A home demo of the song “Citadel” made by just Maynard and Tippins marked the official birth of the band, and the subsequent 7″ recorded with the whole unit demonstrated what happens when the four of them work together. “Something I think is pretty cool about “Citadel” is the drum take is the very first time I had ever played with any of them,” Robinson states. “Very first. No rehearsal, no ‘let’s see how things go for a bit while we get sounds’. You’re hearing the birth of the band in that recording, and I think that’s part of what makes that tune special.” Selling out of physical copies of the two-track 7″ in ten weeks, the songs continue to sell on Bandcamp and have been purchased by fans in Thailand, Russia, Greece, Japan, Australia and numerous other territories, the band feeding on the enthusiasm garnered from around the world. Now, they’re following it up with their debut full-length, In Another Time, which Maynard aptly describes as “Great riffs, lots of melody, interwoven parts, and twin fucking guitars! I think the record is refreshingly different from so many other records being put out now, and the analog warmth of the recording definitely adds to the feel and experience.” Lyrically, they eschew the angry, cocksure, nihilistic, or occult-based subjects common to a vast amount of contemporary rock and metal bands and instead come from a more positive place, Tippins asserting “With Tanith we wanted to offer more of a message of hope, and an escape to the realms of fantasy. Broadly speaking, it’s optimism over pessimism.” All the tracking of the record was handled at Excello Studios in Brooklyn, NY, and owner Hugh Pool engineered and mixed the entire collection. “The analog equipment we tracked with affected not only the mood but also the creative process. Real analog equipment from the 60s and 70s has a distinct sound, feel and even smell,” says Newton, and this only adds to the organic, old school feel of the record. Likewise, while much of the music was plotted out and demoed ahead of time they left room to make changes and additions while in the studio. “Also one thing we learned in the studio through trial and error is that it’s way easier for Russ and I to record our vocals at the same time, with two mics in the vocal booth standing face to face,” adds Maynard. “It also adds to the energy of the songs and is way more fun.”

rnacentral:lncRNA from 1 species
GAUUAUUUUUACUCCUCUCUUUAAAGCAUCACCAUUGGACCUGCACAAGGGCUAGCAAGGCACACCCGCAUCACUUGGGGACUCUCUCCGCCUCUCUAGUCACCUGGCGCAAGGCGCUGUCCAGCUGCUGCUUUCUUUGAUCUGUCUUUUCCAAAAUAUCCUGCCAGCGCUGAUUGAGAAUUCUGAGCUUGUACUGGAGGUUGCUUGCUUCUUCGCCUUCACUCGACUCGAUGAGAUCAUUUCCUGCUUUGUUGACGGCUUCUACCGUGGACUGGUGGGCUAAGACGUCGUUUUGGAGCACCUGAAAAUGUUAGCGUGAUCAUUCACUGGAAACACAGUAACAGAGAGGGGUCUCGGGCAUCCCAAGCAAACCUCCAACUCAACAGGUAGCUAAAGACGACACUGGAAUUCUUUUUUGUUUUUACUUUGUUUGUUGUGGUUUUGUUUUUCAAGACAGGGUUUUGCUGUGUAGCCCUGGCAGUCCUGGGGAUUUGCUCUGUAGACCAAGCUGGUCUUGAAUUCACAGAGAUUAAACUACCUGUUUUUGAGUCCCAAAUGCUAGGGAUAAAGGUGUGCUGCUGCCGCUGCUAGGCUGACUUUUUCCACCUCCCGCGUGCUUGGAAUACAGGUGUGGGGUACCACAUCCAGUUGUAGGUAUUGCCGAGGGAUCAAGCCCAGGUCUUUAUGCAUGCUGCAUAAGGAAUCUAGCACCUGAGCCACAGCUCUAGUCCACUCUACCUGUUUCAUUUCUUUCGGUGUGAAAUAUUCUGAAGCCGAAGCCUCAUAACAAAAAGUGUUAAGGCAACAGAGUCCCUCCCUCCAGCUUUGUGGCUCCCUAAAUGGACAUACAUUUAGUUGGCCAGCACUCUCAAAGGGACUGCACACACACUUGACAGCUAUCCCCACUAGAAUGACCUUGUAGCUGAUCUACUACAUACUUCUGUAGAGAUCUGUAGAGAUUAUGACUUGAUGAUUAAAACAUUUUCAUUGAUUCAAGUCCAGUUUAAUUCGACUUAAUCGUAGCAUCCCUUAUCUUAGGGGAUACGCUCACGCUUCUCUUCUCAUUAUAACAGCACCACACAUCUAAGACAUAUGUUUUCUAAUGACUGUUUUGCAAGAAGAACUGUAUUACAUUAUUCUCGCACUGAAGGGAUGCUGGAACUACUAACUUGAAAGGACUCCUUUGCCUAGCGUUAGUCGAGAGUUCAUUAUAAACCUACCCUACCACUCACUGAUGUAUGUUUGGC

Openly admitting that their live shows are “nerve-wracking” since they don’t get to play together that often, this adds an element of excitement and even danger to their sets, but there is no denying the energy and chemistry when the four of them are on stage together. They will have the opportunity to hone their craft in 2019, with ten-day tours booked in mainland Europe and the States and a slot at Sweden’s Muskelrock Festival. In keeping with their grounded outlook, their aspirations remain modest, hoping that in a year’s time they’ll be making more new music and drawing in new fans, though Tippins has hopes for something slightly more: “It would feel like a real achievement to me if we could make some kind of impact outside of the metal scene. Our music certainly has the potential to do that.”